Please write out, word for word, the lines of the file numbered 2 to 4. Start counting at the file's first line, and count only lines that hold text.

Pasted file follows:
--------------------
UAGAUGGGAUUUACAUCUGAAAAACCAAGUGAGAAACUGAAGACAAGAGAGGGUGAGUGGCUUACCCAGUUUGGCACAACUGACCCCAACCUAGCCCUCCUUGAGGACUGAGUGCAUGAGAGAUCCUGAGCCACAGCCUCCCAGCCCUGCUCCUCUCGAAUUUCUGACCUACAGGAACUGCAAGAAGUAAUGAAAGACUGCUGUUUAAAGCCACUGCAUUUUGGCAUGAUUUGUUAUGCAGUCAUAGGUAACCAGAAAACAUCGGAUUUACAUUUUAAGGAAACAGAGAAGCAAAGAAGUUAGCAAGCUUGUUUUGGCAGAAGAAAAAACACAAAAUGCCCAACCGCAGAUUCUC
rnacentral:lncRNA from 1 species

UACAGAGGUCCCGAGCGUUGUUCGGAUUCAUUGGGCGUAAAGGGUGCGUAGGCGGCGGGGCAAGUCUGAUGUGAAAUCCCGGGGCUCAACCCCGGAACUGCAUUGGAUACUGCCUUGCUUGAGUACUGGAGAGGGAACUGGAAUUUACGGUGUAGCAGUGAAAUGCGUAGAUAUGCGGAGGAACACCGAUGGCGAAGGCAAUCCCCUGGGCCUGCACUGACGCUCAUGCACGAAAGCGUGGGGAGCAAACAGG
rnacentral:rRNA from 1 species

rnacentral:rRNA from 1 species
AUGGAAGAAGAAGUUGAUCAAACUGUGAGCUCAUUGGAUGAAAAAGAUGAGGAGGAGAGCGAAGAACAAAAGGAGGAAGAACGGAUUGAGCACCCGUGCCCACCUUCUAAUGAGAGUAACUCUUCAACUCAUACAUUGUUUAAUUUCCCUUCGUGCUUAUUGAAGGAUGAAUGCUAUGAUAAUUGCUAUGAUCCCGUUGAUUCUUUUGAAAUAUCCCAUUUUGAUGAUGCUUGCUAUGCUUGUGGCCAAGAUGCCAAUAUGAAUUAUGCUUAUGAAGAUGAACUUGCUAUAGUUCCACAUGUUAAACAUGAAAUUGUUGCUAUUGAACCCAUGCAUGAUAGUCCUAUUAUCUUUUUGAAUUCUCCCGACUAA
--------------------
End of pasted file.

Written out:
rnacentral:lncRNA from 1 species

UACAGAGGUCCCGAGCGUUGUUCGGAUUCAUUGGGCGUAAAGGGUGCGUAGGCGGCGGGGCAAGUCUGAUGUGAAAUCCCGGGGCUCAACCCCGGAACUGCAUUGGAUACUGCCUUGCUUGAGUACUGGAGAGGGAACUGGAAUUUACGGUGUAGCAGUGAAAUGCGUAGAUAUGCGGAGGAACACCGAUGGCGAAGGCAAUCCCCUGGGCCUGCACUGACGCUCAUGCACGAAAGCGUGGGGAGCAAACAGG
rnacentral:rRNA from 1 species